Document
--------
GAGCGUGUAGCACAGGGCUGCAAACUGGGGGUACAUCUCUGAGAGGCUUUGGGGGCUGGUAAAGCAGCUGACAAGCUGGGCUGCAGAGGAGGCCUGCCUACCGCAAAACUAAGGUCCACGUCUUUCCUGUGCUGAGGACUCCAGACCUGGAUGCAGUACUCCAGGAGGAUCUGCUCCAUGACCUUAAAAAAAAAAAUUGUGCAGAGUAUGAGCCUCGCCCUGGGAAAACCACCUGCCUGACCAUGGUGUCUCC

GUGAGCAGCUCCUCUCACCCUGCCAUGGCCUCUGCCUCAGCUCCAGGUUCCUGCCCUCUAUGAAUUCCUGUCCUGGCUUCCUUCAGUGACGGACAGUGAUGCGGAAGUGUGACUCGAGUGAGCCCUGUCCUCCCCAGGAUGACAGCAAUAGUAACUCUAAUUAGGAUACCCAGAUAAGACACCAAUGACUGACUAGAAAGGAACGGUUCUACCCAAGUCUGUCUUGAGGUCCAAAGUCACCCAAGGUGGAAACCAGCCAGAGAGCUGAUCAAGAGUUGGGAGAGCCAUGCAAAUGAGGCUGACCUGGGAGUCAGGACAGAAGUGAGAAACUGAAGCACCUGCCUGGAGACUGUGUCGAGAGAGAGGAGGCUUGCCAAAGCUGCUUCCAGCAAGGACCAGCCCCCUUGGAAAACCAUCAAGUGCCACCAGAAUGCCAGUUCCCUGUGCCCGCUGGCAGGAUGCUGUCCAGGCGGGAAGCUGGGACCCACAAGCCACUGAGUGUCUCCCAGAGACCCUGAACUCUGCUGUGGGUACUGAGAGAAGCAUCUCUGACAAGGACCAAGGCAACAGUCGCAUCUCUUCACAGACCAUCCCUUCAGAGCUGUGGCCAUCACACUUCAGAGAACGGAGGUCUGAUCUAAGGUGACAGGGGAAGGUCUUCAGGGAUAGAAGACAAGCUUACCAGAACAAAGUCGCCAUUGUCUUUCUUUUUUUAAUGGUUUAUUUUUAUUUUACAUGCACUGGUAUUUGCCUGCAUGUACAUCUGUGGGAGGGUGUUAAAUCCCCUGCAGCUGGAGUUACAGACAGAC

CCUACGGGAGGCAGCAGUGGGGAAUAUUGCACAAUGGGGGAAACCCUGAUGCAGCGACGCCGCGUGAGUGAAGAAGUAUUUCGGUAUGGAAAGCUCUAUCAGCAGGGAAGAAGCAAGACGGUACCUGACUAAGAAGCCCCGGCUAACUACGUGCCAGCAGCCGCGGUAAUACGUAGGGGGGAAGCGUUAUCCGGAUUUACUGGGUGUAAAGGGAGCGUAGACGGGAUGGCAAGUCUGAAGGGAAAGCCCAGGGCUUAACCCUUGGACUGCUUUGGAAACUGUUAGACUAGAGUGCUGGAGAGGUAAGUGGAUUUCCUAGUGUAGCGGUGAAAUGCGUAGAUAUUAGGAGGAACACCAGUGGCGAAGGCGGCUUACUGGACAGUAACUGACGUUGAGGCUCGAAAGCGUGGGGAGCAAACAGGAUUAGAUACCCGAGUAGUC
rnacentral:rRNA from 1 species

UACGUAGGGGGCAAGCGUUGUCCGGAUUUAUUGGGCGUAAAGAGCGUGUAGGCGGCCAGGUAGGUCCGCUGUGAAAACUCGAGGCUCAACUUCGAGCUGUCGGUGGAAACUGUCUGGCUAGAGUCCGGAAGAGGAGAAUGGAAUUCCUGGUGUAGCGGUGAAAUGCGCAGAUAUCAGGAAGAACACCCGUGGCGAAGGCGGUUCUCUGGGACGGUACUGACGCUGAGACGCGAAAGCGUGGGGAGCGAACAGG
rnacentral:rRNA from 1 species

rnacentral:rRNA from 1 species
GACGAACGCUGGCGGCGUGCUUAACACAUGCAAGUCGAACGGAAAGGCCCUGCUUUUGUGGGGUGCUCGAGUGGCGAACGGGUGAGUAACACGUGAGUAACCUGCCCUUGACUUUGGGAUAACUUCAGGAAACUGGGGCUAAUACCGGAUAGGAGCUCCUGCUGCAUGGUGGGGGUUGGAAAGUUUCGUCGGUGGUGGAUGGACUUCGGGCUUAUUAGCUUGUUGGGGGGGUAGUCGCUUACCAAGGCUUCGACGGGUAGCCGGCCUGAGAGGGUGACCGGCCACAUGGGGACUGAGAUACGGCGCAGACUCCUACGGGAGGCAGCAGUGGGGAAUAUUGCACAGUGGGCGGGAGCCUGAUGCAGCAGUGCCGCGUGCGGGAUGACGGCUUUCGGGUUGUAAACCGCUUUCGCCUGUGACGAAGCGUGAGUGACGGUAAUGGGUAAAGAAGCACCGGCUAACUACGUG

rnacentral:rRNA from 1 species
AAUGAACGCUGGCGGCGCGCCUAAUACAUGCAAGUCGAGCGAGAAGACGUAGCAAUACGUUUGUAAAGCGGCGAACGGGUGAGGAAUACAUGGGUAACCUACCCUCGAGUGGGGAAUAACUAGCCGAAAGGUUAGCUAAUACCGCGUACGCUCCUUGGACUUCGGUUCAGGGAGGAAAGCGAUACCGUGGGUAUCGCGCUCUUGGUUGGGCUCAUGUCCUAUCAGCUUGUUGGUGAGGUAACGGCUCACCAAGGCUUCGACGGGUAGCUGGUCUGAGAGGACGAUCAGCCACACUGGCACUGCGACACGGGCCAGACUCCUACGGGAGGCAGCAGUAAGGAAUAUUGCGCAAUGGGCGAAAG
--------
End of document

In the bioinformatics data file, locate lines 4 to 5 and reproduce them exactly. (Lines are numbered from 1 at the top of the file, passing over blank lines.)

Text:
rnacentral:rRNA from 1 species

UACGUAGGGGGCAAGCGUUGUCCGGAUUUAUUGGGCGUAAAGAGCGUGUAGGCGGCCAGGUAGGUCCGCUGUGAAAACUCGAGGCUCAACUUCGAGCUGUCGGUGGAAACUGUCUGGCUAGAGUCCGGAAGAGGAGAAUGGAAUUCCUGGUGUAGCGGUGAAAUGCGCAGAUAUCAGGAAGAACACCCGUGGCGAAGGCGGUUCUCUGGGACGGUACUGACGCUGAGACGCGAAAGCGUGGGGAGCGAACAGG